In your front yard, rain taps
each pink magnolia petal
swaying in the chill breeze.
You count between the drops,
like the trickle of our time,
hoping to avoid thought.

Your hand brushes your hair.
Will teaspoons of sunlight
douse each strand tomorrow?
Now, why not walk alone
a few blocks to the park.
No umbrella, no shoes.

Why not splash a puddle,
lift out a drowning worm?
The streets clap at your feet,
a distant church spire points.
In the park, your tender
soles avoid the little sticks.

Under an elm, you grab a seat
on a park bench, ignore
its dampness, and wipe drops
from your butterfly eyelashes.
You admire the community
garden freshly plowed.

Along the fence, you step,
inspect each dark furrow
waiting for seed, and water.
Imagine the sprouts horning,
stalks standing on lean limbs.

At the end of the season,
tomatoes and cucumbers rot,
left discarded on the dirt
but today everything
waits for your caring hand
to plant the seeds, water,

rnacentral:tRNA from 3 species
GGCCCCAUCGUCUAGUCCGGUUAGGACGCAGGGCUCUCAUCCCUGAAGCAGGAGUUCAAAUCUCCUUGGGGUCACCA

weed in sunlight and wind.

Walking home, you bypass
a father under an umbrella,
son in camouflaged raincoat
stopping to watch mallards
swimming in the rippling
creek, trudging to their nests.

The father and son smile
at you. You stop, and say
hello. Laugh with them. Nod.
Walk away, palms turned up
catching raindrops. Shimmering.

Mario Duarte is a graduate of the Iowa Writers’ Workshop. His poems and short stories have appeared in 2River Review, Abstract Elephant, American Writers Review, Bilingual/Borderless, Digging Through the Fat, Lunch Ticket, Pank, Rigorous, Sky Island Journal, Plainsongs, Write Launch and Typishly.